When we revere an idea, we reduce our personal authority and the power and validity of our own inner experience and we give our authority and power away to that idea. To me, this is the ultimate form of ignorance. We deny that which is real (what we experience inside ourselves) and worship that which is not real (ie. the abstract concept of a person, god or state of consciousness). This weakens our relationship with ourselves, weakens our ability to trust ourselves and reduces our sense of empowerment and self reliance. We become dependent on an often hierarchical system based on abstract concepts to tell us what to do and how to live and how to be in our lives. This is the stuff that cults are made of, and it is the reason why so many systems of spiritual practice become dangerously cult like.

Our own inner experience, at the felt level of sensation, should be our ultimate guide and authority in life. If we base all of our decisions on how we actually feel inside, we’ll experience much less inner conflict and disparity and become more whole and balanced and confident in ourselves. This will directly reflect in our actions in the world and interactions with other beings.

Yoga practice, or any authentic spiritual practice should increase our sensitivity and ability to feel the actual reality of our own bodies and minds in each and every moment. It should empower us and help us to trust ourselves by helping us to feel more accurately what the reality within actually is.

The Mysore method of the Ashtanga vinyasa system is one of the best ways I know to accomplish this. So, I have immense bhakti towards the Ashtanga practice. It brings me deeply into authentic relationship with my own inner reality for several hours every morning, while most people are still sleeping. I then try to bring this essence to the room when I teach. There is no need to perform a puja, as I have already done that through my own asana practice, alone with myself. This empowers me and gives me the strength to teach from a place of felt experience. As Mr. Iyengar once said, “the body is my temple and the asana are my prayers”. I want my students to experience the same thing.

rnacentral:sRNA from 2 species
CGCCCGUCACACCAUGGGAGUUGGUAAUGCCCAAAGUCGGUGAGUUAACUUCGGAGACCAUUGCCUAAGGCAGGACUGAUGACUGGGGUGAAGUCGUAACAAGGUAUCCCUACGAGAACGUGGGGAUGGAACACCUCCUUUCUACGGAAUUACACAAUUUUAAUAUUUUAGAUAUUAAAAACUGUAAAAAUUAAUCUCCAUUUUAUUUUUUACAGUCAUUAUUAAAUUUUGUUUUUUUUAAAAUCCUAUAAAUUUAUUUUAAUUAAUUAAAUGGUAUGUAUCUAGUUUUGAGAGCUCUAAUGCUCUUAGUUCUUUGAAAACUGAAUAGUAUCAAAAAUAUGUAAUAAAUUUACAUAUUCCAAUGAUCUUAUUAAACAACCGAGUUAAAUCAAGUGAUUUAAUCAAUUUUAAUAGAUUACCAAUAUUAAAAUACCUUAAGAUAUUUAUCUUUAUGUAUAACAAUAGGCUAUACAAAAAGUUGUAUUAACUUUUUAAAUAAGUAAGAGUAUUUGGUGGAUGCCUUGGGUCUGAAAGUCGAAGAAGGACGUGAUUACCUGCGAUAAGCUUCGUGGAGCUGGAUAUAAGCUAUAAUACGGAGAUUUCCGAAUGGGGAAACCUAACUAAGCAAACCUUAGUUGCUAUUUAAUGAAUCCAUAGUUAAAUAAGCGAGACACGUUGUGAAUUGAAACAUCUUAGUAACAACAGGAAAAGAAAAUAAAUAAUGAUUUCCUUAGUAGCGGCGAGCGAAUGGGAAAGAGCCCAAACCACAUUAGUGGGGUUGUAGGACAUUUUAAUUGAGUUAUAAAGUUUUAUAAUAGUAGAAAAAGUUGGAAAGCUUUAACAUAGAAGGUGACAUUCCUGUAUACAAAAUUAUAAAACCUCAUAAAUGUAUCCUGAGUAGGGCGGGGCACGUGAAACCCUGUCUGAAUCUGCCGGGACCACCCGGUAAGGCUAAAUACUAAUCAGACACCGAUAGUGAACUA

My bhakti is towards my sadhana, and towards the teacher who directly enables me to use that sadhana to its highest potential. Ultimately, however the teacher and the sadhana are just vehicles to deepen my relationship with myself, and this is the ultimate recipient of my bhakti.

Any actions which strengthen and harmonize my relationship with myself are recipients of my bhakti. Any actions which cause me to give my power away to an external authority (usually a conceptual one rather than a real one) and weaken my relationship with myself are dangerous and should not be given reverence.

I won’t deny that for some people, chanting or prayer could be a method to help them encounter and feel themselves more deeply. However, for me this is not the case, and as a teacher I don’t choose to share anything that I have not actually experienced for myself.

Iain runs Ashtanga Immersion Courses in Bali you check them out here:


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Here is the interview I did with Iain where we talk a lot about using the breath effectively:


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6 Responses

  1. EMS says:

    This is something I have been struggling with recently as a fairly new yogi. I don’t want to chant or receite an opening prayer because it seems to cult like and I don’t want to be dedicating my practice to someone else, I would like it to be a self discovery, and yet I worry that perhaps I will miss something, be judged, or not be ‘doing it right’.